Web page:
Frequently Asked 501(c)(3) Questions
What is a 501(c)(3)?
Section 501(c)(3) is the portion of the US Internal Revenue Code that allows for federal tax exemption of nonprofit organizations, while allowing donors to these charitable organizations to take a tax deduction on their Federal income tax returns for their donations. Being “501(c)(3)” in most cases means that a particular nonprofit organization has been approved by the Internal Revenue Service as a tax-exempt, charitable organization. “Charitable” is broadly defined as being established for purposes that are religious, educational, charitable, scientific, literary, testing for public safety, fostering of national or international amateur sports, or prevention of cruelty to animals and children.
Who Can Get 501(c)(3) status?
Entities that can seek 501(c)(3) determination from the IRS include corporations, trusts, community chests, and unincorporated associations. The overwhelming majority of 501(c)(3) organizations are nonprofit corporations formed for charitable purposes.
Does “nonprofit” “501(c)(3)” and “tax exempt” all mean the same thing?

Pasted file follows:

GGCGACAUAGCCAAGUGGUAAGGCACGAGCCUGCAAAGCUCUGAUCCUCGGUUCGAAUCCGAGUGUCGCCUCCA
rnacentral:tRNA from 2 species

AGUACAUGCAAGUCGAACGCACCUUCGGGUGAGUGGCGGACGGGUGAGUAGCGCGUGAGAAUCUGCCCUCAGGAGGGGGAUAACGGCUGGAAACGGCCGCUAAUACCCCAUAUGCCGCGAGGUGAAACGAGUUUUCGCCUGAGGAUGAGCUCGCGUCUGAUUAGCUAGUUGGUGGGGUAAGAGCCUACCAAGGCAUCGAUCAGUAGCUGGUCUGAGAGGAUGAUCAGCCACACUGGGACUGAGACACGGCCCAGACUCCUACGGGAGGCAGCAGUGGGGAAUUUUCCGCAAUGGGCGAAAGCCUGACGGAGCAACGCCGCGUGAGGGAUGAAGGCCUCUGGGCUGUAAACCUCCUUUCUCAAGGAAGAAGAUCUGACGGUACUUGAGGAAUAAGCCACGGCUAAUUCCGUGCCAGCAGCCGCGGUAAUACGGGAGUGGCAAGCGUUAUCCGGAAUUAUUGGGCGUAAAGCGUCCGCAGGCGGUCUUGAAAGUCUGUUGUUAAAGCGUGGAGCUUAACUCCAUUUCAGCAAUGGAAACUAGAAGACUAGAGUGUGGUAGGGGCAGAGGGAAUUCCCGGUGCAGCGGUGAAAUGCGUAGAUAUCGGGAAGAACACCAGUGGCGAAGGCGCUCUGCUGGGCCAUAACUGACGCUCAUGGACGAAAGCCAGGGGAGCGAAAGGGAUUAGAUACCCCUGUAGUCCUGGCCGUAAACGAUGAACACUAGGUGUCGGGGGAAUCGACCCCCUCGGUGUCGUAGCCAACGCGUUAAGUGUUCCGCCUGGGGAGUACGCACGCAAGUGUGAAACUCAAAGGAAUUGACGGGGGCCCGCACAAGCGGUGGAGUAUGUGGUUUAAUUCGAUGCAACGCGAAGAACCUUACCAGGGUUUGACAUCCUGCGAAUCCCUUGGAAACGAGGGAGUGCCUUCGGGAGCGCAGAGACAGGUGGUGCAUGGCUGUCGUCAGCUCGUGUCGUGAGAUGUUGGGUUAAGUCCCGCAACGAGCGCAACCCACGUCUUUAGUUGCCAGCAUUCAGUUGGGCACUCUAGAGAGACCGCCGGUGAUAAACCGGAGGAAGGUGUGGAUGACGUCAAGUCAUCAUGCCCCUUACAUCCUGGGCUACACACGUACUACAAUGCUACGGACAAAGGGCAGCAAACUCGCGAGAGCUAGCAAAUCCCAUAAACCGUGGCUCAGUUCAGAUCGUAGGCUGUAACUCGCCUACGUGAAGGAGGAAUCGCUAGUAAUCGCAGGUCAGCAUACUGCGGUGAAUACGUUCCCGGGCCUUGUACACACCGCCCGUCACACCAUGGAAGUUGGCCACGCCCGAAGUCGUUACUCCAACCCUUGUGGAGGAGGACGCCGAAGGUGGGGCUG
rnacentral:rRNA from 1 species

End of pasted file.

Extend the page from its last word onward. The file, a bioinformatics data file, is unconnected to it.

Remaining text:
Although these terms are often used interchangeably, they all mean different things.
“Nonprofit” means the entity, usually a corporation, is organized for a nonprofit purpose.
“501(c)(3)” means a nonprofit organization that has been recognized by the IRS as being tax-exempt by virtue of its charitable programs.
“Tax-exempt” status is the result of a nonprofit organization being recognized by the IRS as being organized for any purpose allowable under 501(c)(3) – 501(c)(27).
What’s So Special About a 501(c)(3)?
One of the primary benefits of being tax-exempt under IRC Section 501(c)(3) is the ability to accept contributions and donations that are tax-deductible to the donor. Additional benefits include, but are not limited to:
* Exemption from federal and/or state corporate income taxes
* Possible exemption from state sales and property taxes (varies by state)
* Ability to apply for grants and other public or private allocations available only to IRS-recognized, 501(c)(3) organizations